"Rumsfeld was saying that we needed to bomb Iraq [...] And we all said ... no, no. Al-Qaeda is in Afghanistan. We need to bomb Afghanistan. And Rumsfeld said there aren't any good targets in Afghanistan. And there are lots of good targets in Iraq. I said, 'Well, there are lots of good targets in lots of places, but Iraq had nothing to do with it.'

Later, having been told by Bush to "find whether Iraq did this", Clarke submitted a report backed by the FBI and CIA's experts saying that there was no connection. It was sent back by Condoleezza Rice's office, with the comment

"Wrong answer. ... Do it again."

It's the faith-based presidency in a nutshell. "We already know the facts, and we don't need any 'experts' to tell us any different".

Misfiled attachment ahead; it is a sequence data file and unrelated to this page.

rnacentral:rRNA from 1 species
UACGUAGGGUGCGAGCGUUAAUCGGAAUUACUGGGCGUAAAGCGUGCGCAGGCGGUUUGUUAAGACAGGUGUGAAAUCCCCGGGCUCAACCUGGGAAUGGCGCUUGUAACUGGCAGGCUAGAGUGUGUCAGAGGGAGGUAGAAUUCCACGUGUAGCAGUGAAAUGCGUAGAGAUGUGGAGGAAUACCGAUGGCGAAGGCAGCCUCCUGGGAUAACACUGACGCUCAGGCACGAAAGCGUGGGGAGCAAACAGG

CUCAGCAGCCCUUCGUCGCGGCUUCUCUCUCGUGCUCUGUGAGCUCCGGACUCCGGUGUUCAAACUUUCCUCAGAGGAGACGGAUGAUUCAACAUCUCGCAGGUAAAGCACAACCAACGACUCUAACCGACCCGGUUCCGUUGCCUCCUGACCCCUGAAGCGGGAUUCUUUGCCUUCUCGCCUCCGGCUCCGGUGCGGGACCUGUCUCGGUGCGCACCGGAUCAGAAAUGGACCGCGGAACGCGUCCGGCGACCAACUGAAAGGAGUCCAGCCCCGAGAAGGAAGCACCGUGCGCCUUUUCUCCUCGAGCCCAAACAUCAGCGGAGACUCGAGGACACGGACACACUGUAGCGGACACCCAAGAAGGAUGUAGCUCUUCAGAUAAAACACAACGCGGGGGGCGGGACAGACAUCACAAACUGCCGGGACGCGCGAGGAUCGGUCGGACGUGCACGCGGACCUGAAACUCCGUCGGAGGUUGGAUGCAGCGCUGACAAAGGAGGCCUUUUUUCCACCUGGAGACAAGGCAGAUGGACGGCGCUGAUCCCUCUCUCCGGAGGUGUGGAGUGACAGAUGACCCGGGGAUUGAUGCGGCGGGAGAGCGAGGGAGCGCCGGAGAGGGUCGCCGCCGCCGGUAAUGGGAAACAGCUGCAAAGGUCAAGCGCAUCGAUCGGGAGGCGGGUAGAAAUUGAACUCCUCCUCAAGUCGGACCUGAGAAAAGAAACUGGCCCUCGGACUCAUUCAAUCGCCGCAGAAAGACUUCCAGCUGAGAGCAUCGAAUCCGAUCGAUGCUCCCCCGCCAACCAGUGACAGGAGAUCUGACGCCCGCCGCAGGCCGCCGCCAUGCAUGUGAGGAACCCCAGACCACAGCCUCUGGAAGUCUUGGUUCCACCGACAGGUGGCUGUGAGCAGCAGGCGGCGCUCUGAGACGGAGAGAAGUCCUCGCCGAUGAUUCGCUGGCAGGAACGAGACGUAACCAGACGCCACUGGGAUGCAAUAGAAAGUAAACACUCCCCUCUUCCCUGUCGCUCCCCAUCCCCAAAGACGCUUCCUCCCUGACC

Sunday, March 21, 2004

New Fisk

New Iraq? Hooded Protest And Masked Statistics

Saturday, March 20, 2004

Yeah, right

Former Immigration Minister Lianne Dalziel thinks she can one day return to Cabinet.

Yeah, right.

While Ruth Dyson managed to do it, there's a big difference - Dyson's crime wasn't that serious in the great scheme of things, and wasn't related to her job. Dalziel, OTOH, abused the power of her office. She released confidential information on someone dealing with her Ministry, then tried to lie her way out of it. Thinking that she can do that and then come back displays a Christine Rankin-like state of denial.

Friday, March 19, 2004

Replies to replies to replies

In response to Sock Thief's latest offering: